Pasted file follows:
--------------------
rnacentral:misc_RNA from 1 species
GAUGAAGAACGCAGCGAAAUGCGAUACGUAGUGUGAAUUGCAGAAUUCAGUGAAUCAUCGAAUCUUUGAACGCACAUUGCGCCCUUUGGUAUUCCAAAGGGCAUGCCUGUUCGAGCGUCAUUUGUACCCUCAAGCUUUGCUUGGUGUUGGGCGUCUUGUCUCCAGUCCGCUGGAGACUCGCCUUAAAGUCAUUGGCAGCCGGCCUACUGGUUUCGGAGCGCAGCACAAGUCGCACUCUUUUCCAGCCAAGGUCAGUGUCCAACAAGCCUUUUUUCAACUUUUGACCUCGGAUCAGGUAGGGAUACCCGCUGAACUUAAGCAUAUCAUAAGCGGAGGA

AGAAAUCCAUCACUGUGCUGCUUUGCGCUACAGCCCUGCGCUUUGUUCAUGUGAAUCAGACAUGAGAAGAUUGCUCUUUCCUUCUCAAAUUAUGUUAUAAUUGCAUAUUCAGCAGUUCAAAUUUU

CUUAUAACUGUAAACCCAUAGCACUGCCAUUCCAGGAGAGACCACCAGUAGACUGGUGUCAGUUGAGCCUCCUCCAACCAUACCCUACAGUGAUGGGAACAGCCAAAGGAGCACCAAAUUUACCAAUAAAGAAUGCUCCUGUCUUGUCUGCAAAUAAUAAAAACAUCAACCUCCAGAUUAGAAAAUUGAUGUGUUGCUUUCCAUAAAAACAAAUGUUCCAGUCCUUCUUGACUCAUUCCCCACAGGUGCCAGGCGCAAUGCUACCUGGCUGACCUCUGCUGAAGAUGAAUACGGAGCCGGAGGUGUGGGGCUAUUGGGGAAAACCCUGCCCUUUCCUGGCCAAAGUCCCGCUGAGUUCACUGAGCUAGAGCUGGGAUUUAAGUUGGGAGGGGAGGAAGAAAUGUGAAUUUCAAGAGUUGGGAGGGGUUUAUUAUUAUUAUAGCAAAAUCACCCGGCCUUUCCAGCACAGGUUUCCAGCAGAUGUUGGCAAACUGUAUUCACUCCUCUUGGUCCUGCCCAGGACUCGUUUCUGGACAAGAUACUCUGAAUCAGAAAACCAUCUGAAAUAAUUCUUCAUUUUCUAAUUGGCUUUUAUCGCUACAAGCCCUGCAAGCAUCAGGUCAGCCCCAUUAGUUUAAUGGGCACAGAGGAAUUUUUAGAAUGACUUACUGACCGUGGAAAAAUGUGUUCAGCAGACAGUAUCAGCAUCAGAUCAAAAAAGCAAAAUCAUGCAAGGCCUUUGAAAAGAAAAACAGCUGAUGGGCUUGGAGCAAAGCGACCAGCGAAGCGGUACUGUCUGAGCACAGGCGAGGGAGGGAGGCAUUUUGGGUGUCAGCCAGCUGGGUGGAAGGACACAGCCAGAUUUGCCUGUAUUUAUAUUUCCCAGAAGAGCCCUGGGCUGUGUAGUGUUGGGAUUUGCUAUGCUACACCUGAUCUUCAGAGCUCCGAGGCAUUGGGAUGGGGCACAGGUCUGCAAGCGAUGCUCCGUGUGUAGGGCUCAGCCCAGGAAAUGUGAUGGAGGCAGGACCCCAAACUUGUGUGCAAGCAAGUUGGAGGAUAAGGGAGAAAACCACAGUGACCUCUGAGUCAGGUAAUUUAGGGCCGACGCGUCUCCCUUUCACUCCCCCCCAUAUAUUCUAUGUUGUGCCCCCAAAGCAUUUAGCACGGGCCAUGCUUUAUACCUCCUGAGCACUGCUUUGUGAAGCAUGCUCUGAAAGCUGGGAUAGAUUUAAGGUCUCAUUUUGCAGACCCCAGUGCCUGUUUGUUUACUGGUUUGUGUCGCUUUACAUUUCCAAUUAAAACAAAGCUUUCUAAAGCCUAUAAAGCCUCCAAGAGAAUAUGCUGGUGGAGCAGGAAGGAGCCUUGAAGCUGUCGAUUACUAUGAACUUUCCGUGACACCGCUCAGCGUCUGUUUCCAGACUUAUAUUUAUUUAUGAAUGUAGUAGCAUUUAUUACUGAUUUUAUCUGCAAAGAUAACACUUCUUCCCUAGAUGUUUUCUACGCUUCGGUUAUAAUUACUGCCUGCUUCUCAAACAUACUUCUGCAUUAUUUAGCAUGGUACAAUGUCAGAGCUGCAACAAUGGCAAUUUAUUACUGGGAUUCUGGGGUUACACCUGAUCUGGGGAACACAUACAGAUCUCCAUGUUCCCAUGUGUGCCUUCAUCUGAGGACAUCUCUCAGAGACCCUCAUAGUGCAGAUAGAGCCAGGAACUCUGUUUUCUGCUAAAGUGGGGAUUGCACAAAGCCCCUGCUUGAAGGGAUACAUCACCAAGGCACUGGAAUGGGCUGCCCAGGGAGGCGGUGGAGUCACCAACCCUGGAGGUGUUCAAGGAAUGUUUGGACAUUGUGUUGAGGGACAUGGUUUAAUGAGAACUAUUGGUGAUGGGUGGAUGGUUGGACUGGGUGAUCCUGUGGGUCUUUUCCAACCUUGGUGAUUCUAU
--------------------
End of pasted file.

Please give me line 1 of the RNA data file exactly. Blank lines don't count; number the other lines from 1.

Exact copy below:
rnacentral:misc_RNA from 1 species